Ghana Faith Healers, TBAs call for passage of Mental Health Bill

The Ghana Association of Faith Healers (GAFH) and Traditional Birth Attendants (TBA) on Monday appealed to the government for the swift implementation of the Mental Health Bill.

The Bill would replace the Mental Health Decree of 1972 and would facilitate the establishment of the Mental Health Authority which would have the mandate of making rules and regulations governing the treatment of mentally ill persons.

GAFH and TBA are made up of traditional medicine practitioners such as herbalists, circumcisers, spiritualists, “okomfo”, “mallams”, “hunua”, prophets, “amegashies” and bonesetters.

Speaking in an interview with the Ghana News Agency in Accra, Mr Kweku Owusu, General Secretary, GAFH and TBA, appealed to members of the association, especially herbalists, to desist from using the title “Dr” since they had not been trained to use that title.

“It is against our Code of Conduct for members, especially herbalists, to use the title ‘Dr’. The right title that we have been mandated to use is ‘Traditional Dr’ or ‘T-Dr'”.

Mr Owusu called on the public to report to the nearest Police Station members who used the “Dr” title since this tended to create an erroneous impression on the minds of Ghanaians.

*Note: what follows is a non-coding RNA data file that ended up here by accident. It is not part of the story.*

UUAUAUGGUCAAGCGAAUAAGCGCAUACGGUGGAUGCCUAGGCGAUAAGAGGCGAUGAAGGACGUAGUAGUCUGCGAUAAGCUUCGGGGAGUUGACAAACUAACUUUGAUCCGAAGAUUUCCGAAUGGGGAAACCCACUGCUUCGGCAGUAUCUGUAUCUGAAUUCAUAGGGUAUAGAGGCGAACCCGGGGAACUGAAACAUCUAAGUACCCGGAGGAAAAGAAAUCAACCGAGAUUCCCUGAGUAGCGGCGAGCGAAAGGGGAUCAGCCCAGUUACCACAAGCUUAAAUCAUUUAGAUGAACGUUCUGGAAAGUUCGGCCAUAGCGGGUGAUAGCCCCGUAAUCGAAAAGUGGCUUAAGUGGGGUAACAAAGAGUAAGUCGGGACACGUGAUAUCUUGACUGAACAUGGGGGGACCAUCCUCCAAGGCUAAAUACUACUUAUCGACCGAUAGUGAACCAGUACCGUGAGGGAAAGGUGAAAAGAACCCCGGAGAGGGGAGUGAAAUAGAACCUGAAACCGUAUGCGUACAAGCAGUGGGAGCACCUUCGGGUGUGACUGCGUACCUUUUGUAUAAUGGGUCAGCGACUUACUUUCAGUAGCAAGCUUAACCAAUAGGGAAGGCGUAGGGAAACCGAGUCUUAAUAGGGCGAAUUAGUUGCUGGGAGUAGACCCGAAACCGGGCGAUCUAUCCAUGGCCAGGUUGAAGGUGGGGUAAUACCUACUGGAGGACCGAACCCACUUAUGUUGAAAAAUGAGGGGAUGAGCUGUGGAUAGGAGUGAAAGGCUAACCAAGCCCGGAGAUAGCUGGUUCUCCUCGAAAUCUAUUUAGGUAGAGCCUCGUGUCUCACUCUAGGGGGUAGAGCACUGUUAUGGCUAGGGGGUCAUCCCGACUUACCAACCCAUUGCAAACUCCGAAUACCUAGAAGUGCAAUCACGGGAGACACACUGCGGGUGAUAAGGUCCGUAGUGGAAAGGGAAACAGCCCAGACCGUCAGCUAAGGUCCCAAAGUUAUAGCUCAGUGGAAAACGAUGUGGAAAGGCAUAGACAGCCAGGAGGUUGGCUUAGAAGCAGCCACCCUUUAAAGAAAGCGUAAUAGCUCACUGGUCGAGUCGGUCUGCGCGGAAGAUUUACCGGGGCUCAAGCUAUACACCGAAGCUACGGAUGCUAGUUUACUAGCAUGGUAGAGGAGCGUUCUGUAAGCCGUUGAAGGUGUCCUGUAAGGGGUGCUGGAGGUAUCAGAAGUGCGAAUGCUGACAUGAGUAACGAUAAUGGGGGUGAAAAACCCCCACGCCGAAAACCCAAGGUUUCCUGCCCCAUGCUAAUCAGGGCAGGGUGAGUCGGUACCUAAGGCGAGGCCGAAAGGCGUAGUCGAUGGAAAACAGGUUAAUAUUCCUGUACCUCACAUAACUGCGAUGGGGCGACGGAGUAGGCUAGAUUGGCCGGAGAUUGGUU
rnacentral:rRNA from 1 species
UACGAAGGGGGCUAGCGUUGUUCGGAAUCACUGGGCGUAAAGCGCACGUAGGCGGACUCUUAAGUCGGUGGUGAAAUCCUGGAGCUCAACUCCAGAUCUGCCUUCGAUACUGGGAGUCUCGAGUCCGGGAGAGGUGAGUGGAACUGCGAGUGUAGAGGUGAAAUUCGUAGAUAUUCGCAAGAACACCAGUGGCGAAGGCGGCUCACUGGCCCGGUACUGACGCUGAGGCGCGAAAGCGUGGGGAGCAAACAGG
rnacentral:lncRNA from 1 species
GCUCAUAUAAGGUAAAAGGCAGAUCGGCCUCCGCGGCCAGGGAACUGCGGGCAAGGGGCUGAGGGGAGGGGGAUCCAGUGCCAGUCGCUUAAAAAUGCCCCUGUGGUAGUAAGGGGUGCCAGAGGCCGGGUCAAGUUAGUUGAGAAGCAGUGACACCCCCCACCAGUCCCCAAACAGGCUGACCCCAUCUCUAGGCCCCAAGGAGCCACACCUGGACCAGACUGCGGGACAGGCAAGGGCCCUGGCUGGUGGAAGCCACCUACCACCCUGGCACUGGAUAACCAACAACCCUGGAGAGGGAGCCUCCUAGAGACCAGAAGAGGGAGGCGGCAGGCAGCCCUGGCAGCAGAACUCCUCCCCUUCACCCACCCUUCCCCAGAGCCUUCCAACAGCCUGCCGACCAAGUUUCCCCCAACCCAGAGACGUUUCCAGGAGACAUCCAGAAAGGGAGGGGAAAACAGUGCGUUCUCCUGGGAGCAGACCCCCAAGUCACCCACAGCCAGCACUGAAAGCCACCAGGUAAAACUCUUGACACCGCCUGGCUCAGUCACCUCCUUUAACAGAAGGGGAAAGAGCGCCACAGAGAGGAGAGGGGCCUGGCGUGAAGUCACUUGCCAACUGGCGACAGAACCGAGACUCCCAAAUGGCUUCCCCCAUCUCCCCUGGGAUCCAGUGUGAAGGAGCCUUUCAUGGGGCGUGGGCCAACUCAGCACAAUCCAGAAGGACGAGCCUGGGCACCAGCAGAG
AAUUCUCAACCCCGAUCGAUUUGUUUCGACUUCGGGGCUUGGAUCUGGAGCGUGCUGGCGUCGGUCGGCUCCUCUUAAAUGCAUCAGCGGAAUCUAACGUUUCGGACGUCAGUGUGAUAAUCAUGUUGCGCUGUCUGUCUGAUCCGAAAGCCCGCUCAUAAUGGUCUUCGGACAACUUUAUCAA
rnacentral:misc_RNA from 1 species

He also urged members to support the implementation of the Traditional Medicine Practice Act 2000 (Act 575) which sought to regulate their activities.

The Act would help improve standards and eliminate human rights violations among members, especially in churches, prayer camps and healing centres.

There are about 20,000 Traditional Medicine Practitioners (TMPs) in the country.

Mr Owusu praised members of the association for their efforts in creating awareness on the need for quality and efficient health care delivery methods and promotion of human rights in churches and prayer camps.

He appealed to members to ensure that their products were acceptable to the public by registering with the association and operating in hygienic environments.

“Though the efficacy of our preparations have not been in doubt there is the need to produce them in a more hygienic and scientifically tested environment,” he said.

He said the association had established task forces in all the 10 regions to apprehend faith healers and TBA who would be caught flouting the rules of the association and committing human rights abuses.

Mr Owusu said about 70 per cent to 80 per cent of the Ghanaian population sought primary health care from TMPs and called for the documentation of the works of proven TMPs for use by posterity.

“I will appeal to the Ghana Health Service to help us in preserving and documenting the works, especially the preparation of herbal drugs of our members, which have been proven and accepted by all for study by future generations,” he added.

Source: GNA

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